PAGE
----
In a virtual meeting, the Ad Hoc Committee met to debate its draft public hearings report on the amendment of section 25 of the Constitution. The report had been presented to the Committee at a meeting held the previous week. Members of the Committee had initially received the report electronically in November 2020 to go through it.
Committee Members were concerned about how they were going to debate and adopt the report without first having accessed written submissions sent to the Committee. Some Members felt the process was being rushed. They requested that they be given time to access the written submissions and go through them first.
It was agreed that the purpose of the current meeting was not to adopt the report but to allow Members to make submissions and suggestions. The Committee agreed that they could not continue to debate the report that was before them with the purpose of adopting it. The report needed to be cleaned. Views expressed by the public had to be presented separately from legal analysis and interpretation. Submissions made by lawyers should be referenced.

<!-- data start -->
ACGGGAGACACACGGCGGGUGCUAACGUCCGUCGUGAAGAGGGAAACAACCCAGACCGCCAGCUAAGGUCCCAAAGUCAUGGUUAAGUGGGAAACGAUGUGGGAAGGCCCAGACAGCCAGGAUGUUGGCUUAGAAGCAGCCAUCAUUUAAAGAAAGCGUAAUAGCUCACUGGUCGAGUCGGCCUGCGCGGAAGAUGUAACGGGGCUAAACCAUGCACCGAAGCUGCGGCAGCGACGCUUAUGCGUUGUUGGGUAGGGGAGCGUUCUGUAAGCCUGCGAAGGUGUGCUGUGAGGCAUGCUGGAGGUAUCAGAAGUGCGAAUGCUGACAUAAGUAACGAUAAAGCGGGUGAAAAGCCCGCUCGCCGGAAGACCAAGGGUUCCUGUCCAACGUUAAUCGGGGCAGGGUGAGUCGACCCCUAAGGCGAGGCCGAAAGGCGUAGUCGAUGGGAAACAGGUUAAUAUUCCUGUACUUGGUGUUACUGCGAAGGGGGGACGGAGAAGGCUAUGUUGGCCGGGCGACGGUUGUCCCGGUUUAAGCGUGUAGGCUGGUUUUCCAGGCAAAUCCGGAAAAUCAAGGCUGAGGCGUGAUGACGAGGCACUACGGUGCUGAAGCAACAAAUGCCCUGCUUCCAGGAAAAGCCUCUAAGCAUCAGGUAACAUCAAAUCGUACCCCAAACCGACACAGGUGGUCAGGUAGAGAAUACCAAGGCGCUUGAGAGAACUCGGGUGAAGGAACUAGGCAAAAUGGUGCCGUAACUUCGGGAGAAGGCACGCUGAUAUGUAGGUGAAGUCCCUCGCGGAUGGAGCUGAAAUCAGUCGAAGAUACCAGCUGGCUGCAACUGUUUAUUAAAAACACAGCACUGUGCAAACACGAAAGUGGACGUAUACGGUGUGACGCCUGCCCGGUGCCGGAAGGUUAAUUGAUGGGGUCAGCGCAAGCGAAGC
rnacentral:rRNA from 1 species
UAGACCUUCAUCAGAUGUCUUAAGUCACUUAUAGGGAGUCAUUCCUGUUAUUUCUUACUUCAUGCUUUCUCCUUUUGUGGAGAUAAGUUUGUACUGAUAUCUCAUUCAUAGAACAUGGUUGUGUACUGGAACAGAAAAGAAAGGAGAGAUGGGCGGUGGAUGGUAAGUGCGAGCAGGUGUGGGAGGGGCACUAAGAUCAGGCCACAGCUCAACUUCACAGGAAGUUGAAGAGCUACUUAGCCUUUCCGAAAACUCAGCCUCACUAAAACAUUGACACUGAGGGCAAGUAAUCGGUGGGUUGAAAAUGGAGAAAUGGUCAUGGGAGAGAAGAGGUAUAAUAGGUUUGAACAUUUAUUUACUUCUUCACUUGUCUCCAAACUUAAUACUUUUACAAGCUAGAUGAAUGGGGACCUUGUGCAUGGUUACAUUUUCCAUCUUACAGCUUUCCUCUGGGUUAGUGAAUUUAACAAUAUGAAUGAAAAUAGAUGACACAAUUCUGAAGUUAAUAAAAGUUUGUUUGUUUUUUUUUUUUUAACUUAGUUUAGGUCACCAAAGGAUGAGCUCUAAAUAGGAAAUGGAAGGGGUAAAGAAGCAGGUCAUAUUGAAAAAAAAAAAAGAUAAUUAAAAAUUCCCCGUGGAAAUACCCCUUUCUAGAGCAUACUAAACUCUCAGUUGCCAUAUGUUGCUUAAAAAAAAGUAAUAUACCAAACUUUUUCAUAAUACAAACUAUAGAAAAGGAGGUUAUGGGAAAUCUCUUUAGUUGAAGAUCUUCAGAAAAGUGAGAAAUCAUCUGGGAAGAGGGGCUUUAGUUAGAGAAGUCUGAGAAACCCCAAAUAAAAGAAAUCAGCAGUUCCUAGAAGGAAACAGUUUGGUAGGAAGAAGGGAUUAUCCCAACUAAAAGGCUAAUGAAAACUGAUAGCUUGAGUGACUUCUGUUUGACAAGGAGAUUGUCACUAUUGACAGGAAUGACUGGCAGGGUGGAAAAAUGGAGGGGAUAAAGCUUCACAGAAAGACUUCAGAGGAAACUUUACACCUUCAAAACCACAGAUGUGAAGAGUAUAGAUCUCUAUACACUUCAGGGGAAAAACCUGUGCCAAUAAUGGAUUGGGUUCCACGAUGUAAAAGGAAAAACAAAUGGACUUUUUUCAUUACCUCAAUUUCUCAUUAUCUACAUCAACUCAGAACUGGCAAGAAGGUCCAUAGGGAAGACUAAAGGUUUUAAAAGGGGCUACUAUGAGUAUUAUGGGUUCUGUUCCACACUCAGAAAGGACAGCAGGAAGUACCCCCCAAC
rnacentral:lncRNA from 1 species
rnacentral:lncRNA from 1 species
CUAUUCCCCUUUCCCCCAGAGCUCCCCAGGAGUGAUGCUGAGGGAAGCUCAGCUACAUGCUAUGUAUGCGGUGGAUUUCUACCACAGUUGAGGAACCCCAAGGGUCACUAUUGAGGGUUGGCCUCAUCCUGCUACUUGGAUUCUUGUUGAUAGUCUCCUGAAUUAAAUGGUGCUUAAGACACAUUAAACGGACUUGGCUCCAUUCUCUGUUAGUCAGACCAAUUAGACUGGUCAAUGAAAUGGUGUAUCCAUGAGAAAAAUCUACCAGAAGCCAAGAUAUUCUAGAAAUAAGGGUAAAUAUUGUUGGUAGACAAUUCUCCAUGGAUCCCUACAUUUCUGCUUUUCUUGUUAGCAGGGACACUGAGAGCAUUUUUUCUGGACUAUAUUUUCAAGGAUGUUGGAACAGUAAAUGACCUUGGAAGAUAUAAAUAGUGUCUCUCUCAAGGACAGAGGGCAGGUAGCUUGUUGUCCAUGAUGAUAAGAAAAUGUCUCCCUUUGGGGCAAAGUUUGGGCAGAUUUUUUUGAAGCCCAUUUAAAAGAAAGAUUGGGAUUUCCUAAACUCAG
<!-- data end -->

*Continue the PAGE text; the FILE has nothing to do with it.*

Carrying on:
The Chairperson reminded Members that the Committee had received oral and written submissions and had held public hearings. The Committee’s administration had now compiled a report for consideration by the Committee. Members were entitled to have access to information, but it did not mean that there would be an extension of time. They should accept that the report had been compiled. There would be another meeting Friday the following week to allow the process to continue. The Members could continue reading the submissions even after the meeting to prepare for the discussions on the Amendment Bill.
The Chairperson opened the meeting and welcomed Members. In his opening remarks, he said it was important that Members of the Ad Hoc Committee should always practice political tolerance, persuade one another and not shout at one other. He said opposition Members were important because they represented a different school of thought and the work of the Committee must be guided by political tolerance. He stated that the amendment of section 25 of the Constitution was not a matter concerning a certain political party, but a South African matter and all South Africans who put South Africa and its future first would refrain from endangering the land expropriation process. He said some of the house rules were self-respect and respect for others and not doing to others what one would not want done to oneself.